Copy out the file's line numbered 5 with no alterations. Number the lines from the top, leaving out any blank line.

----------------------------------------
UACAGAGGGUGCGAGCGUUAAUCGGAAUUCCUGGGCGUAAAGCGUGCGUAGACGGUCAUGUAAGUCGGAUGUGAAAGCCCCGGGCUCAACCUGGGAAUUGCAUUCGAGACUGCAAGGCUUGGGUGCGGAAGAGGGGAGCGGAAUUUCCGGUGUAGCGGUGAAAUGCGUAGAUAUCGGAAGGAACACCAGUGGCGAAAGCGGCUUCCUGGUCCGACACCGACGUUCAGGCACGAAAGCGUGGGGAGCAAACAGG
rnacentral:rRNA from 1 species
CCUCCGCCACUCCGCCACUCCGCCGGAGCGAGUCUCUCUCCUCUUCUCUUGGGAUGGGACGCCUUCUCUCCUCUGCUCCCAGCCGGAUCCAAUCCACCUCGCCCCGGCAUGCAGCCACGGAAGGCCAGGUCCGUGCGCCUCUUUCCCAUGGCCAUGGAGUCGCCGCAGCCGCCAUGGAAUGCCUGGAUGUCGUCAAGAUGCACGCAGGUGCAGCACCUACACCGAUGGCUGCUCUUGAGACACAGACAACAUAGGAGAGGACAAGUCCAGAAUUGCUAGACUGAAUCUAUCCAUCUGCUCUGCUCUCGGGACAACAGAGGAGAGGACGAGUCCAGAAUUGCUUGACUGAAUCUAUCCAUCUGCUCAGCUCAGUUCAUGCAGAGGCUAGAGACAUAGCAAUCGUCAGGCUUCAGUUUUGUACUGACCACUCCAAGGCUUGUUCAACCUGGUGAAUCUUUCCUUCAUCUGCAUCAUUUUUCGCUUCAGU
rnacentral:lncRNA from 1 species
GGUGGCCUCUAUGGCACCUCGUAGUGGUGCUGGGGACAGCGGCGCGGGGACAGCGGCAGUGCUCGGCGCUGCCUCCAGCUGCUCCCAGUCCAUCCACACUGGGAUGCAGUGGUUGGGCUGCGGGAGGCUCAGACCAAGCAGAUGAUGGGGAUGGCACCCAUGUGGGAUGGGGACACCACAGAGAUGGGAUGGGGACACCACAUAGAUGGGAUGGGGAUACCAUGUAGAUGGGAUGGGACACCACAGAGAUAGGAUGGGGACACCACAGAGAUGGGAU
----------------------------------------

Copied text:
GGUGGCCUCUAUGGCACCUCGUAGUGGUGCUGGGGACAGCGGCGCGGGGACAGCGGCAGUGCUCGGCGCUGCCUCCAGCUGCUCCCAGUCCAUCCACACUGGGAUGCAGUGGUUGGGCUGCGGGAGGCUCAGACCAAGCAGAUGAUGGGGAUGGCACCCAUGUGGGAUGGGGACACCACAGAGAUGGGAUGGGGACACCACAUAGAUGGGAUGGGGAUACCAUGUAGAUGGGAUGGGACACCACAGAGAUAGGAUGGGGACACCACAGAGAUGGGAU